Operating principle

Membrane technology with reverse osmosis is a physical process for concentrating substances dissolved in liquids, in which pressure is used to reverse the natural osmosis process. This process was developed in the 1960s by NASA, the space agency, to treat urine into ultrapure water during manned space flight. Today, reverse osmosis is used in medicine, the food industry and for desalination of the sea, as this process is excellently suited for turning contaminated water into ultrapure water, i.e. for removing even the smallest molecular substances from the water.

Virus reduction
Hormone reduction
Heavy metal reduction

The medium in which the concentration of a particular substance is to be reduced is separated by a semipermeable membrane from the medium in which the concentration is to be increased. The latter is subjected to a pressure that must be higher than the pressure created by the osmotic demand to balance the concentration. This allows the molecules of the solvent to migrate against their “natural” osmotic propagation direction. The process pushes them into the compartment where solutes are less concentrated.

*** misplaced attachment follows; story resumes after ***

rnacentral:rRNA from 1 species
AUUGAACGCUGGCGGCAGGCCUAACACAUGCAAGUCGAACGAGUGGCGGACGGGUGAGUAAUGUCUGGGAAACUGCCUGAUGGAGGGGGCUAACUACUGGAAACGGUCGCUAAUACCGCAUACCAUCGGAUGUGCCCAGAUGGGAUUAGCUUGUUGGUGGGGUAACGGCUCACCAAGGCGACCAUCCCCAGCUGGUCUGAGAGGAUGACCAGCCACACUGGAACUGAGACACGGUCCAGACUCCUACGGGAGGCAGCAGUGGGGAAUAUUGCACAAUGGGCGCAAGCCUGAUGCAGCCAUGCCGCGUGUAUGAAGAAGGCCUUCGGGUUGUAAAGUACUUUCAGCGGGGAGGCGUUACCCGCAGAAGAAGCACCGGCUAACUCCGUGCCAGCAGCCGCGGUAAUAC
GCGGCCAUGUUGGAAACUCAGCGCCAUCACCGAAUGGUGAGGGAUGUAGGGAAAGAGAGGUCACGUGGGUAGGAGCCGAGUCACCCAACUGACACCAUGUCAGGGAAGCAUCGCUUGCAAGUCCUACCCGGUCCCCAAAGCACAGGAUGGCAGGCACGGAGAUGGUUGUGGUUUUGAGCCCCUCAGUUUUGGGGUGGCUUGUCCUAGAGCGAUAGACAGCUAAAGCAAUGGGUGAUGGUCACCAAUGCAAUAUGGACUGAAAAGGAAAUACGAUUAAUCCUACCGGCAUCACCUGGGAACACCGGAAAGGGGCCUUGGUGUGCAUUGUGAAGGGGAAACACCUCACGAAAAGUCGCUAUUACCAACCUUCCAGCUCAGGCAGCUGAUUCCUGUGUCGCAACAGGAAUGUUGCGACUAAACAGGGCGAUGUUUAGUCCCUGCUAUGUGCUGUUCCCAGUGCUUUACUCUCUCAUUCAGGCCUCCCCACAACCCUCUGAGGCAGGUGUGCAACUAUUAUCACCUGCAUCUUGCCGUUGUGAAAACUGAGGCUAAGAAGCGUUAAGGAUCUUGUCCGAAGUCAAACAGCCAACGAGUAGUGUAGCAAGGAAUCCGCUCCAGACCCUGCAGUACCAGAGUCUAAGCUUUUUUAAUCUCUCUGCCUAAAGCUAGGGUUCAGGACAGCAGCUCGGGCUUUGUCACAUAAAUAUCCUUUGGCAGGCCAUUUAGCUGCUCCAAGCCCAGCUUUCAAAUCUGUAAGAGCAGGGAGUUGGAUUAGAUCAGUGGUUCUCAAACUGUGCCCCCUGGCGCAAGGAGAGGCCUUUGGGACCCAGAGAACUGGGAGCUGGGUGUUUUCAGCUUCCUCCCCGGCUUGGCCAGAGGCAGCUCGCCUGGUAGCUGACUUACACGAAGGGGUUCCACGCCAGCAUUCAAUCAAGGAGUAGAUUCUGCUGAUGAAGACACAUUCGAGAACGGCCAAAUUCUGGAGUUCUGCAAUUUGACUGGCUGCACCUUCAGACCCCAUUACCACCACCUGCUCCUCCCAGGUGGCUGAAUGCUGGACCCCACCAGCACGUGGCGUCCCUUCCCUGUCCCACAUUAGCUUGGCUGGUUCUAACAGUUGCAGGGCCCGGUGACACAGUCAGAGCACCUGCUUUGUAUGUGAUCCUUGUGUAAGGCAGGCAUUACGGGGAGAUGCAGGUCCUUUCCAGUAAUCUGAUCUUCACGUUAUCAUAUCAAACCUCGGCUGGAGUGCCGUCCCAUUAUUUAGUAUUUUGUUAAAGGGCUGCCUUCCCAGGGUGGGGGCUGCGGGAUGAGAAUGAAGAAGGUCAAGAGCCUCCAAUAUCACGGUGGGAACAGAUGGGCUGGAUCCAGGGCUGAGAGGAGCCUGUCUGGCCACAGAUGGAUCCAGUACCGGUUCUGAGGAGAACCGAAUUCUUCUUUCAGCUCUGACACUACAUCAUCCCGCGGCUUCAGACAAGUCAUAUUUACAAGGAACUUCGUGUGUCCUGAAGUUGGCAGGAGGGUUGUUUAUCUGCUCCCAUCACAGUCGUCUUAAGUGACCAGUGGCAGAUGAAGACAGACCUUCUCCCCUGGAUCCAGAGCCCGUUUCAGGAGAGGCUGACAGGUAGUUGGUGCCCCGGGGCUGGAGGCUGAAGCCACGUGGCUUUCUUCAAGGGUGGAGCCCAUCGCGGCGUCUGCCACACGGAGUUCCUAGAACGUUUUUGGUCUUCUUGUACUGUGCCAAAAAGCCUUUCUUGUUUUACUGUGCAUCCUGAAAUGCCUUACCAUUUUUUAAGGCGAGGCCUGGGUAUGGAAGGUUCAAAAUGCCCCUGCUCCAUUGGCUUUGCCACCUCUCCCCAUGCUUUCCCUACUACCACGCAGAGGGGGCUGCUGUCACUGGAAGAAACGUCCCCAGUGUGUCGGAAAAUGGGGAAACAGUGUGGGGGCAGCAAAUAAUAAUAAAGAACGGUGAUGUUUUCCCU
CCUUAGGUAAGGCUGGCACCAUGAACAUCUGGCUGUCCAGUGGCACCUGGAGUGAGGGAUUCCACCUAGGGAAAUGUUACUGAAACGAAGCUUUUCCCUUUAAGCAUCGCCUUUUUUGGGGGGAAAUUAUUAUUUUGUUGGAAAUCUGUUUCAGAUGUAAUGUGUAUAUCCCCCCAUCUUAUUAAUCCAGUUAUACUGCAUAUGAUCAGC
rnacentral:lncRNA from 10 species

Drinking water has an osmotic pressure of less than 2 bar, the applied pressure for reverse osmosis of drinking water is 3 to 30 bar, depending on the membrane used and the system configuration.

For seawater desalination, a pressure of 60 to 80 bar is required, since seawater has a much higher osmotic pressure of about 30 bar than drinking water. In the Dead Sea, there is even an osmotic pressure of 350 bar. In some applications, e.g. for the concentration of landfill leachate, even higher pressures are used.

The osmotic membrane, which allows only the carrier liquid to pass through and retains the solutes, must be able to withstand these high pressures. When the pressure differential more than compensates for the osmotic gradient, the solvent molecules pass through the membrane, as in a filter, while the “contaminant” molecules are retained. Unlike a classic membrane filter, osmosis membranes do not have continuous pores.

Rather, the ions and molecules migrate through the membrane by diffusing through the membrane material.